Yet, the lack of a medical power of attorney is not what causes the biggest problem for most folks. If you become incapacitated, there will be hundreds of other decisions to be made that have nothing to do with medical care. Who will pay the bills, manage your money, take care of your home, and look after your spouse or partner? That’s where a financial power of attorney comes in. This document grants important, broad rights to people that you trust to manage all of your assets when you cannot. That’s incredibly important because no one gets the right to access your personal assets automatically, even a spouse. If you have a joint checking account, your spouse is still going to be able to write a check even if you’re incapacitated, but that’s the extent of it. What if there’s a need to withdraw money from your retirement account to pay the mortgage? Too bad, because without a power of attorney, even your spouse will be out of luck. Need to sell a house that’s no longer suitable? Same answer.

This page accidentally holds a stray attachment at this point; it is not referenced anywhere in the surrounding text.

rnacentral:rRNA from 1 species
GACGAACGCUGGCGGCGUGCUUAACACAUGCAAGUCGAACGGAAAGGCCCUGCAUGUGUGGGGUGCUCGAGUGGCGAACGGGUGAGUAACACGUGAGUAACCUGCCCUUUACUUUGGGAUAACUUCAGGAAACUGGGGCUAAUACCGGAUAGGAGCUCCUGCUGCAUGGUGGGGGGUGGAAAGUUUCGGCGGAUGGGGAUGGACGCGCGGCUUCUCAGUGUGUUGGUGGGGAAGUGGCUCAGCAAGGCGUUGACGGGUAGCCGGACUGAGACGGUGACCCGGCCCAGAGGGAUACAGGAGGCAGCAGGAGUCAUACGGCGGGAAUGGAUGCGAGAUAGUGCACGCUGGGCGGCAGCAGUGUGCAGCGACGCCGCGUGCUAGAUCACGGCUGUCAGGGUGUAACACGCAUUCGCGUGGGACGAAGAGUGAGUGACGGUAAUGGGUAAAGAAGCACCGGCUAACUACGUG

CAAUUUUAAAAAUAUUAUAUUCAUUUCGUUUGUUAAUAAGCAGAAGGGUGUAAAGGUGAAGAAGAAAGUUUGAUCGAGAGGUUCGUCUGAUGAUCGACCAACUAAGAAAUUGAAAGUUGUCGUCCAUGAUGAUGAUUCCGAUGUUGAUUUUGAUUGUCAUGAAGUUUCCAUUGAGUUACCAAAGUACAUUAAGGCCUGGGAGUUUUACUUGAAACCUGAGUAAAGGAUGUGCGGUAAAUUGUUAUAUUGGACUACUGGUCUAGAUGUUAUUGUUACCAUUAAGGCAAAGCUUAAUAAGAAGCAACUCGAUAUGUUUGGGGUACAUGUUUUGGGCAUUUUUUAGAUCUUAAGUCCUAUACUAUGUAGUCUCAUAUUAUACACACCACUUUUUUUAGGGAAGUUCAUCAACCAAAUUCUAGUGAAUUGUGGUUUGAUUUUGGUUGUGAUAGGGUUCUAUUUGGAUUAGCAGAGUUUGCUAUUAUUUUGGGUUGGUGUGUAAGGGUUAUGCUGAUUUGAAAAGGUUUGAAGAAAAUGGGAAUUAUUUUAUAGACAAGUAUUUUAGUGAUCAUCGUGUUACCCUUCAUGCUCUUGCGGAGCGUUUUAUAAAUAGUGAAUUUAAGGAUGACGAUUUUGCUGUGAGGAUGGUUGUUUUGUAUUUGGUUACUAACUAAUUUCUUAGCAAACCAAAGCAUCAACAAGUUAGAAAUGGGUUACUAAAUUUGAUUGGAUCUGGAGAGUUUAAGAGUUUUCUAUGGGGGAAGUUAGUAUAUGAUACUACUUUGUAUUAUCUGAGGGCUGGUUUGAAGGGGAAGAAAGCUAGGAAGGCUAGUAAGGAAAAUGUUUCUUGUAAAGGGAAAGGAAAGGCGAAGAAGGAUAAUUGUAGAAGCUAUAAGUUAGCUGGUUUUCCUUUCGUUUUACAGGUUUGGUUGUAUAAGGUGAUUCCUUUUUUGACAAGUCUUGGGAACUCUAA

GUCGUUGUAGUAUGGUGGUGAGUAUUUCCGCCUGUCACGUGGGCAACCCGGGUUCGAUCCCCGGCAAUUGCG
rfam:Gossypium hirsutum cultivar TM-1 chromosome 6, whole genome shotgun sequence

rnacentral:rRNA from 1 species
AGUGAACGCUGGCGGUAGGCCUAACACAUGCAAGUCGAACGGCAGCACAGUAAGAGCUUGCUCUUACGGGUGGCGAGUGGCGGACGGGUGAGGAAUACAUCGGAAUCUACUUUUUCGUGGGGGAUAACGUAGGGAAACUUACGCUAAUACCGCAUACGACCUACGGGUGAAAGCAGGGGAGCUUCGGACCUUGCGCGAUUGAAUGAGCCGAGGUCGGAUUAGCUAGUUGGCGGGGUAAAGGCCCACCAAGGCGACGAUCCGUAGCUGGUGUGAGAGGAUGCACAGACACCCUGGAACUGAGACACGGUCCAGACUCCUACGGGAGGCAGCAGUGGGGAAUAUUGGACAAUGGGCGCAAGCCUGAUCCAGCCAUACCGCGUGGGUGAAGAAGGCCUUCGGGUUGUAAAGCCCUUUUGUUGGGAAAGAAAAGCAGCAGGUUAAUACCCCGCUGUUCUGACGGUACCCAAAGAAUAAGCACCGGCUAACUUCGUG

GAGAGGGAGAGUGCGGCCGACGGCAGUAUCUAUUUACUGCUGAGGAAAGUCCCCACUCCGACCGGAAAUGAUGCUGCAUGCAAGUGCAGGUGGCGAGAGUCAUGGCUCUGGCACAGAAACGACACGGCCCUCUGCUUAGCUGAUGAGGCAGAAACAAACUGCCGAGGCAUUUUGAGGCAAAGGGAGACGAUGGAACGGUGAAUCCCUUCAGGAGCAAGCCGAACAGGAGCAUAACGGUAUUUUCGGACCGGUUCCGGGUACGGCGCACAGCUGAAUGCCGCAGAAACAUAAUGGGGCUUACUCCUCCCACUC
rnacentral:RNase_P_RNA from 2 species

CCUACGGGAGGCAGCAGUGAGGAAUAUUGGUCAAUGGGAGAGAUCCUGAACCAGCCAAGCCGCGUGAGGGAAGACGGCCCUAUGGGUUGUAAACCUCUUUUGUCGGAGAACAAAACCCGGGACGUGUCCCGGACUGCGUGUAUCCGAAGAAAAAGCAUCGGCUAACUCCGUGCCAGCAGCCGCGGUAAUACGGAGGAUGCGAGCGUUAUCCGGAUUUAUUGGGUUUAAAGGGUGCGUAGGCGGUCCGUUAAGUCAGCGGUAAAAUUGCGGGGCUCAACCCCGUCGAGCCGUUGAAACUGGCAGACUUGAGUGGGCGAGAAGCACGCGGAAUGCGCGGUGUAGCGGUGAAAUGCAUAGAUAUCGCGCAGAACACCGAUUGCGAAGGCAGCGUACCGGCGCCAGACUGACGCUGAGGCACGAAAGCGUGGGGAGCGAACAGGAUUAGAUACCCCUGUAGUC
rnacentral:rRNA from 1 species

The messy workaround for not having a financial power of attorney is that someone has to go into court and file a guardianship petition just to get the powers that you could have given in a simple document. That’s a very expensive alternative in most states and one that should be totally unnecessary. Worse yet, the person filing the petition might not be the same person that you would have chosen had you signed a financial power of attorney. These problems are so easily avoided that the real mystery is how come everybody doesn’t have these documents?